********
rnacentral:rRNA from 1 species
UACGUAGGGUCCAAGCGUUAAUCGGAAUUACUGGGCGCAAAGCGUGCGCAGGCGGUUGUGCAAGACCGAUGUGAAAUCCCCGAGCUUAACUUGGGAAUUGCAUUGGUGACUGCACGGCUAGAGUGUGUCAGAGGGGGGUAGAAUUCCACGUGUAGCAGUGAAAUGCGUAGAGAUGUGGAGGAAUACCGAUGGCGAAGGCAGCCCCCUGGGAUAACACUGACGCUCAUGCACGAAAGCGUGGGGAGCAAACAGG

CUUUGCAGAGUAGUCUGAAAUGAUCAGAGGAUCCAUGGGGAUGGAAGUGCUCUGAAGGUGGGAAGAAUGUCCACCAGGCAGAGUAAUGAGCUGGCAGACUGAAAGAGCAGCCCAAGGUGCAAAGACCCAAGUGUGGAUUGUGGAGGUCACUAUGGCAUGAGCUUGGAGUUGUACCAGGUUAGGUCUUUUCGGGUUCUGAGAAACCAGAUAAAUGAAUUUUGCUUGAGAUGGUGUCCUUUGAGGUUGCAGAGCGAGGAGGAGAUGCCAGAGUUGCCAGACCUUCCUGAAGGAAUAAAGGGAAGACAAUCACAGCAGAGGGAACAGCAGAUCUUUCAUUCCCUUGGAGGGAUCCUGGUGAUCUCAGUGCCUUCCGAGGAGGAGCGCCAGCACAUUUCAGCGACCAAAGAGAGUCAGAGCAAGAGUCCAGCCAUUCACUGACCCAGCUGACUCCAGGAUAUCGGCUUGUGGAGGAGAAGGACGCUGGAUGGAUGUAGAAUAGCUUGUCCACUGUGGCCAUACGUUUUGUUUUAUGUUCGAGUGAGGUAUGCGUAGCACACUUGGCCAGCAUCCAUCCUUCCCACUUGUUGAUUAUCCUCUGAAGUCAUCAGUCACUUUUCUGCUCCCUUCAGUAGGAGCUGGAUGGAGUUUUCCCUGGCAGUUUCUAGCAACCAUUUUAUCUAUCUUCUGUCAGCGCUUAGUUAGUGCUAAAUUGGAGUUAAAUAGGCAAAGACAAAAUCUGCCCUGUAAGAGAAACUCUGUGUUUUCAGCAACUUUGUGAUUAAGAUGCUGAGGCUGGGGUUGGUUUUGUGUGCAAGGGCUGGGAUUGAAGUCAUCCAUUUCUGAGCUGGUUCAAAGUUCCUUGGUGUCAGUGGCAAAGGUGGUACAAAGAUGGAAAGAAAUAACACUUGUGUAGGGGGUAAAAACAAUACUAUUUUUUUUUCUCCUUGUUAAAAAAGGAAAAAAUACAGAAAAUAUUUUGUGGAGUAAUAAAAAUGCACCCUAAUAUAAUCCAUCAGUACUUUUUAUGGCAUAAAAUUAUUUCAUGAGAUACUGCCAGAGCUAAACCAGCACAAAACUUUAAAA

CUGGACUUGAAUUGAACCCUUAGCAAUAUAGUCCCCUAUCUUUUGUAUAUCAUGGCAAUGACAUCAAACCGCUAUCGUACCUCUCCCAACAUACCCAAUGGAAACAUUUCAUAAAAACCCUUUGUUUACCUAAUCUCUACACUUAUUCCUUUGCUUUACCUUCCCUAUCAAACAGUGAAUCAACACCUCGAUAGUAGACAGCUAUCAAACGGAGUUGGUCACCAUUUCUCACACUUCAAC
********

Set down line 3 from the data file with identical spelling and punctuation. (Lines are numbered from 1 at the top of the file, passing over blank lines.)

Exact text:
CUUUGCAGAGUAGUCUGAAAUGAUCAGAGGAUCCAUGGGGAUGGAAGUGCUCUGAAGGUGGGAAGAAUGUCCACCAGGCAGAGUAAUGAGCUGGCAGACUGAAAGAGCAGCCCAAGGUGCAAAGACCCAAGUGUGGAUUGUGGAGGUCACUAUGGCAUGAGCUUGGAGUUGUACCAGGUUAGGUCUUUUCGGGUUCUGAGAAACCAGAUAAAUGAAUUUUGCUUGAGAUGGUGUCCUUUGAGGUUGCAGAGCGAGGAGGAGAUGCCAGAGUUGCCAGACCUUCCUGAAGGAAUAAAGGGAAGACAAUCACAGCAGAGGGAACAGCAGAUCUUUCAUUCCCUUGGAGGGAUCCUGGUGAUCUCAGUGCCUUCCGAGGAGGAGCGCCAGCACAUUUCAGCGACCAAAGAGAGUCAGAGCAAGAGUCCAGCCAUUCACUGACCCAGCUGACUCCAGGAUAUCGGCUUGUGGAGGAGAAGGACGCUGGAUGGAUGUAGAAUAGCUUGUCCACUGUGGCCAUACGUUUUGUUUUAUGUUCGAGUGAGGUAUGCGUAGCACACUUGGCCAGCAUCCAUCCUUCCCACUUGUUGAUUAUCCUCUGAAGUCAUCAGUCACUUUUCUGCUCCCUUCAGUAGGAGCUGGAUGGAGUUUUCCCUGGCAGUUUCUAGCAACCAUUUUAUCUAUCUUCUGUCAGCGCUUAGUUAGUGCUAAAUUGGAGUUAAAUAGGCAAAGACAAAAUCUGCCCUGUAAGAGAAACUCUGUGUUUUCAGCAACUUUGUGAUUAAGAUGCUGAGGCUGGGGUUGGUUUUGUGUGCAAGGGCUGGGAUUGAAGUCAUCCAUUUCUGAGCUGGUUCAAAGUUCCUUGGUGUCAGUGGCAAAGGUGGUACAAAGAUGGAAAGAAAUAACACUUGUGUAGGGGGUAAAAACAAUACUAUUUUUUUUUCUCCUUGUUAAAAAAGGAAAAAAUACAGAAAAUAUUUUGUGGAGUAAUAAAAAUGCACCCUAAUAUAAUCCAUCAGUACUUUUUAUGGCAUAAAAUUAUUUCAUGAGAUACUGCCAGAGCUAAACCAGCACAAAACUUUAAAA